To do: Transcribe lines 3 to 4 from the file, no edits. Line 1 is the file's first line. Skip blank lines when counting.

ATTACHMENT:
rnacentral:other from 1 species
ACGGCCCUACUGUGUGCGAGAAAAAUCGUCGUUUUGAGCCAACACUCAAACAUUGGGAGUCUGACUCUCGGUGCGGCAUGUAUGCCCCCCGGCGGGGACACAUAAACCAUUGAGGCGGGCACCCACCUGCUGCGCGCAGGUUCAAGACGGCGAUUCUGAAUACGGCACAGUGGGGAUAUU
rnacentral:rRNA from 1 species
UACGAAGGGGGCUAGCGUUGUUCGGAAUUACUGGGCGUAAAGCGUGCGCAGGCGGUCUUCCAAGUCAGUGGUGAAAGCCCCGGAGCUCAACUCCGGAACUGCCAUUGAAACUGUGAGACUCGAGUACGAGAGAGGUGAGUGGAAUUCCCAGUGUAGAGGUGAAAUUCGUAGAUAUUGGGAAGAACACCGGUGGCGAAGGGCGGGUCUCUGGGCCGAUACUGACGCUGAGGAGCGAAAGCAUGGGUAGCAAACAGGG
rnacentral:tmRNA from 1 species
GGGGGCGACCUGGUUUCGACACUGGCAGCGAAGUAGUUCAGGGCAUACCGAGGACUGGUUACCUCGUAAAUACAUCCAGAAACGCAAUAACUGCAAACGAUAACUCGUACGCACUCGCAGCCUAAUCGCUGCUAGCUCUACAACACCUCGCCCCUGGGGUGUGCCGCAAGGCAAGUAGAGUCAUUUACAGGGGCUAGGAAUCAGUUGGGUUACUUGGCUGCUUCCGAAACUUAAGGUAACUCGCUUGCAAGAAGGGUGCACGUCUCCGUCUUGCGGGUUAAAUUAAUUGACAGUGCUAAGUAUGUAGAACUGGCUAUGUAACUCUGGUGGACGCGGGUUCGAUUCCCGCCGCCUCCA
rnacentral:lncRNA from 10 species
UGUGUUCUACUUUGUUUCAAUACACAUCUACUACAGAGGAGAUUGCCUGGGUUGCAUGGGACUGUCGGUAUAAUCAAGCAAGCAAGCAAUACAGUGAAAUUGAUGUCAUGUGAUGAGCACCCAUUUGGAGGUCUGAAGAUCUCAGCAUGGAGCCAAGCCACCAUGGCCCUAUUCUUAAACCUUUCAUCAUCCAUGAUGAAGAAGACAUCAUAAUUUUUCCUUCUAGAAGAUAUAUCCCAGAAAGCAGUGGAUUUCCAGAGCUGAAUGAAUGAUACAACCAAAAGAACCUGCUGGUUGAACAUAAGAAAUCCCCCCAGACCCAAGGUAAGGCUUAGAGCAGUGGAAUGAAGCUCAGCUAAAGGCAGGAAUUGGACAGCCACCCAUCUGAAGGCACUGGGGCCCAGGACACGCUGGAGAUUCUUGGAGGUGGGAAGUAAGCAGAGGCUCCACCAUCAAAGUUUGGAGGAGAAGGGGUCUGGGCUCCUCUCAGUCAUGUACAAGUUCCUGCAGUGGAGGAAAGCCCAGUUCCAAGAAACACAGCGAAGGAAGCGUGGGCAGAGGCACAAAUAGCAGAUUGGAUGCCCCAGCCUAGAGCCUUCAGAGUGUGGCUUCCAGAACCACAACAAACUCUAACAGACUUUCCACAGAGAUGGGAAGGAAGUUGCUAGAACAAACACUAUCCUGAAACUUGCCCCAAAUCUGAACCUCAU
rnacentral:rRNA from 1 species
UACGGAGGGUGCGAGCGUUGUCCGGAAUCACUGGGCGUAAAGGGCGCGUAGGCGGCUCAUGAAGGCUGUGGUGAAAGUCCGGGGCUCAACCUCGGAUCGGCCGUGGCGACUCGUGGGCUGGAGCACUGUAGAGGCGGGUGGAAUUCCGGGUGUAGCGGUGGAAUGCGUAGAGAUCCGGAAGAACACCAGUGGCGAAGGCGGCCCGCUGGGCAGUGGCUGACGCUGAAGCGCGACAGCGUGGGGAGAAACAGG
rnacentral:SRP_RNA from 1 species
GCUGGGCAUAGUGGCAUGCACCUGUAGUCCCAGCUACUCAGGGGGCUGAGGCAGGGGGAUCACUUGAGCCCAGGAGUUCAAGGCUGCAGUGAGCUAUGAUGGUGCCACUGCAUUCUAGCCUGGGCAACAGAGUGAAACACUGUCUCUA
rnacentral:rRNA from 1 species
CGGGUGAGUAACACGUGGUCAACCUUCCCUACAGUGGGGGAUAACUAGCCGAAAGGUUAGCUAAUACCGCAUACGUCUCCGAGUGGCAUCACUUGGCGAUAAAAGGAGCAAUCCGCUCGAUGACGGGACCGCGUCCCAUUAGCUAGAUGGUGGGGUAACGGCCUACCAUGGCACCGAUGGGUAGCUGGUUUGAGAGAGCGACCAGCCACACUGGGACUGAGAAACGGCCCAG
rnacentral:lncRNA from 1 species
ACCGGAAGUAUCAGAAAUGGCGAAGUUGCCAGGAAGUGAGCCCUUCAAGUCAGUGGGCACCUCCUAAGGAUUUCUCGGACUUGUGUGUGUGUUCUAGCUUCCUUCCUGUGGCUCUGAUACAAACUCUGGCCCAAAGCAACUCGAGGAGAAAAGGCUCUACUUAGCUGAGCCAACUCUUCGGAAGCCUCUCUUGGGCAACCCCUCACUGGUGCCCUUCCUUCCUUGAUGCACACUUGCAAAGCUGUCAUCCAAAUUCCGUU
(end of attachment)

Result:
rnacentral:rRNA from 1 species
UACGAAGGGGGCUAGCGUUGUUCGGAAUUACUGGGCGUAAAGCGUGCGCAGGCGGUCUUCCAAGUCAGUGGUGAAAGCCCCGGAGCUCAACUCCGGAACUGCCAUUGAAACUGUGAGACUCGAGUACGAGAGAGGUGAGUGGAAUUCCCAGUGUAGAGGUGAAAUUCGUAGAUAUUGGGAAGAACACCGGUGGCGAAGGGCGGGUCUCUGGGCCGAUACUGACGCUGAGGAGCGAAAGCAUGGGUAGCAAACAGGG